Polymer confinement and bacterial gliding motility
Polymer Program, Institute of Materials Science and Department of Physics, University of Connecticut, CT 06269, Storrs, USA
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Accepted: 28 April 2005
Published online: 5 July 2005
Cyanobacteria and myxobacteria use slime secretion for gliding motility over surfaces. The slime is produced by the nozzle-like pores located on the bacteria surface. To understand the mechanism of gliding motion and its relation to slime polymerization, we have performed molecular dynamics simulations of a molecular nozzle with growing inside polymer chains. These simulations show that the compression of polymer chains inside the nozzle is a driving force for propulsion. There is a linear relationship between the average nozzle velocity and the chain polymerization rate with a proportionality coefficient dependent on the geometric characteristics of the nozzle such as its length and friction coefficient. This minimal model of the molecular engine was used to explain the gliding motion of bacteria over surfaces.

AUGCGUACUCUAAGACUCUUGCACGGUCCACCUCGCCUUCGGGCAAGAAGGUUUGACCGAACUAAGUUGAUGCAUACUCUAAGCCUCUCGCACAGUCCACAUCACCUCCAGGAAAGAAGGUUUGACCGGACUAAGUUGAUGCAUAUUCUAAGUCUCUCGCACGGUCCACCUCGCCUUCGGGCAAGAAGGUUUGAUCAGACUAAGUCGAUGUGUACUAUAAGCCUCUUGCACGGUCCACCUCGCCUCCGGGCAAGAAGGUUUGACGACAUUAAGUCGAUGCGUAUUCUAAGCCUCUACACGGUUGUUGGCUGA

PACS: 36.20.-r Macromolecules and polymer molecules – / 83.10.Rs Computer simulation of molecular and particle dynamics – / 87.16.-b Subcellular structure and processes –
© EDP Sciences, Società Italiana di Fisica and Springer-Verlag, 2005